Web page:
The game was a nail biter. Both teams are talented and tough and well-coached. Both teams had impressive plays and costly mistakes. Going into the last few minutes of the fourth quarter, we were tied 6-6, and they had the ball, first down, on their ten yard line. I was pacing and cheering and praying….I couldn’t sit still, or stay under the canopy we had to protect is from the 122 degree heat. Luke was playing defensive end. The ball was snapped, hand-off was faked, and the quarterback held on to the ball as he ran behind his two lead blockers. All of a sudden, Luke came flying up the side. He shoved the tight end out of his way, barreled through the full back and tail back (splitting their block) and hit the quarterback, taking him down behind the line of scrimmage. It was beautiful. The sidelines erupted, grown men jumping and yelling, players stomping….and no one was louder than Luke’s dad. I turned, stunned into silence and immobility (which is saying a lot) as before my eyes, my Type B, laid back, always put together and generally reserved husband completely lost his mind. I watched, transfixed, as he transformed into a jumping, screaming, arms wildly waving lunatic running along the sidelines. I really expected him to take flight at some point, he was leaping so high, yelling, “Yeah! Yeah! That’s my boy!”.
He turned and caught my eye, and before I could move shouted, “Did you see that? Did you see that play? That’s it! That’s exactly what we teach defensive ends to do!! That right there!” At junctures, he was actually pounding his chest with a fist. It was fascinating. He continued, oblivious to my shocked expression, “Tight end? Bam (making a shoving down motion with his hands)! Full back? Bam! Tail back? Bam!” His euphoria knew no bounds. I can honestly say, it is one of my favorite mental images of him now.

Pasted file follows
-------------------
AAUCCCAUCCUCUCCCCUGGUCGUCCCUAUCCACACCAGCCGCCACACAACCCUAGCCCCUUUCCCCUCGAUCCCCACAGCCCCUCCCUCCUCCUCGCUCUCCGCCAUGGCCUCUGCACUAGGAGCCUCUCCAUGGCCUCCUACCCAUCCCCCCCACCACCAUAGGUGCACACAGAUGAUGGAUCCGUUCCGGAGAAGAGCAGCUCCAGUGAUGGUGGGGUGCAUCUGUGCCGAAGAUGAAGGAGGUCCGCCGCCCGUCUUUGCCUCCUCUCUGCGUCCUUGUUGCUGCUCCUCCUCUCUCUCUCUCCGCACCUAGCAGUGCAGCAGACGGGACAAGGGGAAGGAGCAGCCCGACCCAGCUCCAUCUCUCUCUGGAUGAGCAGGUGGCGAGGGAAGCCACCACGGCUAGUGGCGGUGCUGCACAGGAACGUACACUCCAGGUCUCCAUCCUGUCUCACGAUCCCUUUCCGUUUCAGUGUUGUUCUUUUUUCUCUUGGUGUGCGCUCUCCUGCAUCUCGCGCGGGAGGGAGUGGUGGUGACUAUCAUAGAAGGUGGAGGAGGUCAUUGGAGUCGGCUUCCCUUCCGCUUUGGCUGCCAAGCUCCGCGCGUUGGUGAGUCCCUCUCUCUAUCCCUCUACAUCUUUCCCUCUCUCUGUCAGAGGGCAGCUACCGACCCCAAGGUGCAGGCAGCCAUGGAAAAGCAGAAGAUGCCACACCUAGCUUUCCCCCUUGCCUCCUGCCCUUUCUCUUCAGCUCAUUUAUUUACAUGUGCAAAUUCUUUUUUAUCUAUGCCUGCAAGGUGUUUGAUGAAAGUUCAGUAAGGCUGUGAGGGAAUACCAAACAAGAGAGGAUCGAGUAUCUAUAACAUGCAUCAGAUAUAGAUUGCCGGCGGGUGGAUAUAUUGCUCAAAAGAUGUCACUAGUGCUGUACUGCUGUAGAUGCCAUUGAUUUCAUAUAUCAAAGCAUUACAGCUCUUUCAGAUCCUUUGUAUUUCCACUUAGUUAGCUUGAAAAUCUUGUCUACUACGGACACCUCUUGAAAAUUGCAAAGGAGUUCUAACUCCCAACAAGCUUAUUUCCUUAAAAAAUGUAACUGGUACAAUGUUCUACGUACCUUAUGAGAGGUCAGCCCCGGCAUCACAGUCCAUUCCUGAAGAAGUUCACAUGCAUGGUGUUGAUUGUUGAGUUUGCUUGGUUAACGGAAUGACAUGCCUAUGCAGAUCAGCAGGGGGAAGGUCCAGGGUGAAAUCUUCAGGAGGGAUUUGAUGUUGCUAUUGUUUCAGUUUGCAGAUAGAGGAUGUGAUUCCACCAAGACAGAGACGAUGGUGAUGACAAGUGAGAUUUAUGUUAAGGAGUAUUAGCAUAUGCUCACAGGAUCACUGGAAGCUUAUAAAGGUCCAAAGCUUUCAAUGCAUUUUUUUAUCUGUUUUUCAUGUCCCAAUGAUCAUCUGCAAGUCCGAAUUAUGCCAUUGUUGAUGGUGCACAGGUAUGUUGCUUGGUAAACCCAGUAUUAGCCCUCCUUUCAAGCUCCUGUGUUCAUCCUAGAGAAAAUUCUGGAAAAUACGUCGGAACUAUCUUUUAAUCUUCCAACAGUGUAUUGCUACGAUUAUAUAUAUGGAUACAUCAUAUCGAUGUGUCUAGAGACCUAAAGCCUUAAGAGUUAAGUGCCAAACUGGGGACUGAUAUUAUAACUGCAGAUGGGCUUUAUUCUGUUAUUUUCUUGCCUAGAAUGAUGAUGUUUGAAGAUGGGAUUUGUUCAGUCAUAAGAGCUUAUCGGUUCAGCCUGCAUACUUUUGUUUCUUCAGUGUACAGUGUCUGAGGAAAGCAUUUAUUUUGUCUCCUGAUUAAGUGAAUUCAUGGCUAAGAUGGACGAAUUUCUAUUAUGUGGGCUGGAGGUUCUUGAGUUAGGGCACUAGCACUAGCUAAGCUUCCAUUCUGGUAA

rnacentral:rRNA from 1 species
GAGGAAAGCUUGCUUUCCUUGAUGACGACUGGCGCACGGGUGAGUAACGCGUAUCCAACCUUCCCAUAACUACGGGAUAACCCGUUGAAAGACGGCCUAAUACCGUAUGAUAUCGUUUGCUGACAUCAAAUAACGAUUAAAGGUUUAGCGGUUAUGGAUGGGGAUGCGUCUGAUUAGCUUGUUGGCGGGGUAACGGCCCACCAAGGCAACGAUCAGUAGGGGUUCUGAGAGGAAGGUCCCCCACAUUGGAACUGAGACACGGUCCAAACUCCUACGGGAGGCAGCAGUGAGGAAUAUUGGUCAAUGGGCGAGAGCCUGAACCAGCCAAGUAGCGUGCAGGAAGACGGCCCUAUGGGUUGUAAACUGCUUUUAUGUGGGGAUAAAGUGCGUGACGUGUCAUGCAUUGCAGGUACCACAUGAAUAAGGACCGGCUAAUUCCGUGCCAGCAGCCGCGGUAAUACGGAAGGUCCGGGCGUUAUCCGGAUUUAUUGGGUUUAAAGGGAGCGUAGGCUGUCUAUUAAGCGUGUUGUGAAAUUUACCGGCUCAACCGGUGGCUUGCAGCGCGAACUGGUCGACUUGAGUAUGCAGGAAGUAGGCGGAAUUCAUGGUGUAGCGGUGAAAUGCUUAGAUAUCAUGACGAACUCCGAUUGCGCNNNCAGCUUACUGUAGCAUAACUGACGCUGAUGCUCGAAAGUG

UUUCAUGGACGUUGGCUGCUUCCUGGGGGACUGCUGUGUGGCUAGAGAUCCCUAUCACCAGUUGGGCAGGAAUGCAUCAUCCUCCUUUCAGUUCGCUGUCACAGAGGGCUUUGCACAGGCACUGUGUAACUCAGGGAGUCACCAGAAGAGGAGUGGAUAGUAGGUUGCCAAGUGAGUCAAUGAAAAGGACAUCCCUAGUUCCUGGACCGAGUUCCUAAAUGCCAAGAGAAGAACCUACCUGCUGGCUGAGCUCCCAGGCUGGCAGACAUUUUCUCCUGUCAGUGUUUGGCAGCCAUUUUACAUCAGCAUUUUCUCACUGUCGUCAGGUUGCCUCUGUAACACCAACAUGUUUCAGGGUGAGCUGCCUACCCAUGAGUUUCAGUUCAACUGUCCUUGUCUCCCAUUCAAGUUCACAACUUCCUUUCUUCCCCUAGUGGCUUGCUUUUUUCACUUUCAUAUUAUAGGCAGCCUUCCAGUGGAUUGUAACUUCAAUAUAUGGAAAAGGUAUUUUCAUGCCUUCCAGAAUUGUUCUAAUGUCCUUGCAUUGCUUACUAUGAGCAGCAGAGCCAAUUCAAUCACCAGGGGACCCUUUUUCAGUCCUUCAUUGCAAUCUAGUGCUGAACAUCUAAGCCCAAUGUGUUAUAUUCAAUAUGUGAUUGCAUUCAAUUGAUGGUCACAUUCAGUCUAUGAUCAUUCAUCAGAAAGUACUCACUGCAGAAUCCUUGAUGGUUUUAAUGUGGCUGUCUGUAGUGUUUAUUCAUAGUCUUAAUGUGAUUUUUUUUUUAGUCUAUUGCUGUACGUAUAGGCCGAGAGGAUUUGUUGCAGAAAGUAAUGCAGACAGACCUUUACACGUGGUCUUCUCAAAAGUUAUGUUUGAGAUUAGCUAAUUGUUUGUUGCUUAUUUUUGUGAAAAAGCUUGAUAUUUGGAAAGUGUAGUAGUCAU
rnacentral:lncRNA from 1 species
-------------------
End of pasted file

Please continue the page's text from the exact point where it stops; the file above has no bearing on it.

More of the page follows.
Luke was heading back to the line of scrimmage for the next play, a bounce in his step after the hoopla and helmet-slapping of his coaches and teammates. I could feel his smile, shining through like the sun, reaching out from behind his helmet. He went on to make another big play, helping to put us into overtime, and then yet another huge block after that. We won in overtime, and I don’t know that I can accurately do justice to the images of us as parents doling out high fives and hugs as we rejoiced.
I may not survive the season.
As I laid on the couch later that afternoon – dehydrated, hoarse, exhausted and exhilarated….I kept replaying the game and its highlights in my head. I couldn’t help but picture Gregg over and over again, as he vaulted through the air, cheering.
And I had a thought…..
Is this how Heaven looks when we get it right? Does God illuminate His kingdom with the brilliance of a proud father’s smile as He gives a fist pump or two? I can only imagine His joy when we read the playbook He so graciously gave us, and then successfully put His word into practice. When life brings up obstacles and blocks our way…and we find the strength and courage to knock those things aside, does He take to the air with a resounding “Yes!”? Does He recount the play-by-play with pride?
Relational stress? Bam!
Depression? Financial worry? Insecurity? Bam! Bam! Bam!
I smile at the thought of my heavenly Father saying, “That’s my kid!” on the occasions we let nothing detour us as we charge forward to tackle the challenge or goal that is our destination.
How He must delight in our smiles and sense of accomplishment as we dust ourselves off and jog with renewed vigor to rejoin the game known as life, continuing on after our moment of success. We may screw up the next play, but that’s okay. Our moment in the sun is there for us to remember, providing encouragement and inspiration.
We need to be sure and hang on to that.
Solidarity, sisters. It’s all about how you play the game.